posted on 21 April 2016
Written by Steven Hansen
The Conference Board Leading Economic Index (LEI) for the U.S marginally improved this month - and the authors believe it "still points to slow, although not slowing, growth in the coming quarters".
This index is designed to forecast the economy six months in advance. The market (from Bloomberg) expected this index's value at 0.1 % to 0.5 % (consensus 0.5 %) versus the +0.2 % reported.
ECRI's Weekly Leading Index (WLI) is forecasting very slow growth over the next six months.
Additional comments from the economists at The Conference Board add context to the index's behavior.
LEI as an Economic Monitoring Tool:
The usefulness of the LEI is not in the headline graphics but by examining its trend behavior. Econintersect contributor Doug Short (Advisor Perspectives / dshort.com) produces two trend graphics. The first one shows the six month rolling average of the rate of change - shown against the NBER recessions. The LEI has historically dropped below its six-month moving average anywhere between 2 to 15 months before a recession.
For a better understanding of the relationship between the LEI and recessions, the next chart shows the percentage off the previous peak for the index and the number of months between the previous peak and official recessions.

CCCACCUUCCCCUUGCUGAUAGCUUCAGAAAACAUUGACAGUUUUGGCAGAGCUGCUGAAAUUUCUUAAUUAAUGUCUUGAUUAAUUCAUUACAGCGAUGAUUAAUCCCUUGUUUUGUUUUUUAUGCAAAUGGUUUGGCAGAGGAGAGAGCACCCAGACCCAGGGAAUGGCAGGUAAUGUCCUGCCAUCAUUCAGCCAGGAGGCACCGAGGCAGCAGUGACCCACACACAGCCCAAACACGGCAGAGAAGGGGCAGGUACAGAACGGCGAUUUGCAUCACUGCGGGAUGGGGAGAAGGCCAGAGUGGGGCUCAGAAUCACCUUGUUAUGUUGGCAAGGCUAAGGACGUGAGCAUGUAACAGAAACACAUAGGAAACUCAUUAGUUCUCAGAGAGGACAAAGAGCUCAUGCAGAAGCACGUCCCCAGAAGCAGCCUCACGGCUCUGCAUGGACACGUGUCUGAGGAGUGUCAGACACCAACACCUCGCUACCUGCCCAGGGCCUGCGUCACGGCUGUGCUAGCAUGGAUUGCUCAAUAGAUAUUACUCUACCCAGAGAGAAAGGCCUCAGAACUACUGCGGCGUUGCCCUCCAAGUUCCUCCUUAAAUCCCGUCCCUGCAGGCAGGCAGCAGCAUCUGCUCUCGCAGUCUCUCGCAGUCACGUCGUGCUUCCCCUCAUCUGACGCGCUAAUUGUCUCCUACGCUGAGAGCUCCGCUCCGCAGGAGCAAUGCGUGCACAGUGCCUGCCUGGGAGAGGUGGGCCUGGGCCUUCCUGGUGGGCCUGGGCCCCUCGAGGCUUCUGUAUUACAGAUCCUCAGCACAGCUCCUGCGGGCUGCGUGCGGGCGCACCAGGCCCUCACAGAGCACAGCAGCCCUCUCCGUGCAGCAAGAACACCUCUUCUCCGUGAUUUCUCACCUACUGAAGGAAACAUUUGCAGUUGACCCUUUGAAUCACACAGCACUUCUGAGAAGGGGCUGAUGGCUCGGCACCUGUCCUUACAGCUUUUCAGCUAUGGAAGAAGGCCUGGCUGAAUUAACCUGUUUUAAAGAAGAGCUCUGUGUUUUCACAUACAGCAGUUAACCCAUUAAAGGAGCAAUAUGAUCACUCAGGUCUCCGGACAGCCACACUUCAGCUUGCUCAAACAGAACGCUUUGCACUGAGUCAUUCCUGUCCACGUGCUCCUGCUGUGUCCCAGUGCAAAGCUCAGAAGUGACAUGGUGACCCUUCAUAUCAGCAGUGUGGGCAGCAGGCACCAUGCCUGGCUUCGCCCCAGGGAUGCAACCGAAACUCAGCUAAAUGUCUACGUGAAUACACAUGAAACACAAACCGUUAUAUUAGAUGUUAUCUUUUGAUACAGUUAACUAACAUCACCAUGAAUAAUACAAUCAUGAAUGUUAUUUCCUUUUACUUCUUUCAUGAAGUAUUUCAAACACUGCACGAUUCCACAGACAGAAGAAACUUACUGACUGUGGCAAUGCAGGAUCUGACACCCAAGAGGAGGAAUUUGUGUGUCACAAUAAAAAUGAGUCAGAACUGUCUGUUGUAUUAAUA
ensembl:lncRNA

The methodology for this index was "improved" in December 2011.
As a comparison to the LEI, ECRI's WLI (which Econintersect reports on weekly) is in contraction.
Current ECRI WLI Index
Econintersect believes the USA economy continues to be moderately expanding at Main Street level, but the growth rate has been declining. (analysis here).
Caveats on the Use of the Leading Economic Index (LEI)
This index is produced by The Conference Board (a private money making company) - who charges for the details of the indices they publish - although the summary of this index is available to the public. Its designed to predict economic growth over the next six months.
This is not a "black box" economic forecasting index as The Conference Board publishes the components. It was completely revised with the release of the December 2011 (analysis comparing the old and new index components - click here). The new components of the index and multipliers:
The index does not adjust for inflation or population growth, is not final for several months after being published, and is subject to annual revision. The methodology in producing this index:
Econintersect has published correlations of the new LEI to past recessions. At first glance this index provides recession warning.
The fly-in-the-ointment is that this analysis is that the above graph is not a real time analysis. Consider that the LEI is not final when first issued - it is subject to revision for months. From The Conference Board:
The data does not exist to establish what The Conference Board's LEI values would have been in real time - at this point only the final numbers are known. Unfortunately, knowing the current values is no assurance that a recession is or is not imminent as there is no track record of real time performance.
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